Is Your Dog Licking Their Lips? This Could Be Why
Some pet owners believe that their dog may lick their lips because they are dry or sunburned and, though there’s the potential for this and it’s a common human behavior, it could be indicative of a larger issue in pets.
Causes of Dog Licking Lips
Here are some possible causes for lip licking in dogs, broken into behavioral and medical causes.
Behavioral Causes of Dog Licking Lips
Some dogs lick their lips for normal behavioral reasons and others lick due to underlying anxiety.
- Normal behavior. Dogs may lick their lips when they feel dry, a bug hits their lip or face, or something is stuck near their lip, such as a piece of food or a blade of grass. Another normal cause for lip licking is anticipation of food. A normal physiologic response to food is for the salivary glands to start flowing in anticipation of a snack.
- Anxiety. Some dogs will lick their lips when they are confused or maybe even a little frustrated. For example, if a dog is being trained, he or she may lick their lips when they are baffled about the process and unsure about what is expected of them. Some behaviorists refer to dog lip licking as an “appeasement gesture.” This is a behavior that acts as a calming signal. Dogs will use their body to communicate that they are stressed or frightened. Another appeasement gesture is yawning. An example of a classic use of lip licking is when a dog is approached by another dog. At this moment, the dog may avoid direct eye contact and lick their lips. This is a way to communicate to the other dog that they don’t want to fight.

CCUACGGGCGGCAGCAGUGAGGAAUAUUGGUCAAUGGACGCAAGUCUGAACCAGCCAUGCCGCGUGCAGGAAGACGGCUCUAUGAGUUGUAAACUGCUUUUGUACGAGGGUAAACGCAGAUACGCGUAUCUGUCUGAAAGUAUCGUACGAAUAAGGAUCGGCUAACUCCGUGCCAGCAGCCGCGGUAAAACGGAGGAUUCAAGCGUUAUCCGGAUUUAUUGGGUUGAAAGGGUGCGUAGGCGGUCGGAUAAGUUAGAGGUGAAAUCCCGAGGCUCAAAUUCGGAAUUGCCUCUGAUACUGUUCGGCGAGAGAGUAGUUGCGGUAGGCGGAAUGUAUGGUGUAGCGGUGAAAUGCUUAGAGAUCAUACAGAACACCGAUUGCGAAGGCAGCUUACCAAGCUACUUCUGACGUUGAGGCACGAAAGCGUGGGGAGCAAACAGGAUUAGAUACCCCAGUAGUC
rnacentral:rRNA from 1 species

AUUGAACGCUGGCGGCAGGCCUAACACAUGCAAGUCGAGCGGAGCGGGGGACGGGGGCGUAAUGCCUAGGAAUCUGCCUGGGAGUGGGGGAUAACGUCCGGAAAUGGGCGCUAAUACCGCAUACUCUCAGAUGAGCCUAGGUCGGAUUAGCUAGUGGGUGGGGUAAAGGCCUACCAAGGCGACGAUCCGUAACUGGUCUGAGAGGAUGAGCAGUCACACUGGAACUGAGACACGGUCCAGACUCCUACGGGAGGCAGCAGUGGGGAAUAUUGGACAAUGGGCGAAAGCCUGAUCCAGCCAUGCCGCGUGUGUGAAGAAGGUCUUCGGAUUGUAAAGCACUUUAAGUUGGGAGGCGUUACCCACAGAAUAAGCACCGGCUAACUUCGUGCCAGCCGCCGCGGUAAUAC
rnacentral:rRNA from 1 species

Medical Causes of Dog Licking Lips
Dogs lick their lips due to a variety of health problems.
Causes may include:
- Bites. Any type of bite to the face or around the lips can cause dog lip licking. This includes insect bites from spiders, horse flies, ticks, mosquitos, and/or a bee or wasp sting. Snakebites can also occur around the face and mouth and cause pain, swelling, discharge, and/or lip licking.
- Dehydration. Some dogs that are sick and not eating or drinking or are suffering from fluid losses from vomiting and/or diarrhea can become dehydrated. This might also cause a dog to lick their lips.